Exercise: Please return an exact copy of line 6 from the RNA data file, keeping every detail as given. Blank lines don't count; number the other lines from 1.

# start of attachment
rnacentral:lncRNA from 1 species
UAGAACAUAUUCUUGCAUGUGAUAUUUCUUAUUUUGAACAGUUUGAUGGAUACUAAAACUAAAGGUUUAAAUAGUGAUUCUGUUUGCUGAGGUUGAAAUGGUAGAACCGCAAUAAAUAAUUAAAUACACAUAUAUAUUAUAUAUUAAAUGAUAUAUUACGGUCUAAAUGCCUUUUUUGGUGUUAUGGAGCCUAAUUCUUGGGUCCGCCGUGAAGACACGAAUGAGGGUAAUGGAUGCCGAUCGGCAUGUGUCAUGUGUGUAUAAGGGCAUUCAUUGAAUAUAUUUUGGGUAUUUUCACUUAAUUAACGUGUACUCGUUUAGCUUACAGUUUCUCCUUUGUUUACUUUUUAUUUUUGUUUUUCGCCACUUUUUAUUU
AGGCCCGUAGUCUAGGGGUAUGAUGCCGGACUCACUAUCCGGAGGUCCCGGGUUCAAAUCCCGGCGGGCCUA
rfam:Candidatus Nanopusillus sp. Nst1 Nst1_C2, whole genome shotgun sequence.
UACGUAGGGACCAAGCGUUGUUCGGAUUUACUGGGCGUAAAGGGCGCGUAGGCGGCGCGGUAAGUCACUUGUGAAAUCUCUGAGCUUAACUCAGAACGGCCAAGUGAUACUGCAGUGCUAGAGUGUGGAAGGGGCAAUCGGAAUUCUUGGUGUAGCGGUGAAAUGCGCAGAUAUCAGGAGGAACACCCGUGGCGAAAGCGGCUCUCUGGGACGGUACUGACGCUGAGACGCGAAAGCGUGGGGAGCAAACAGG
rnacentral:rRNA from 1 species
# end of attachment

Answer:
rnacentral:rRNA from 1 species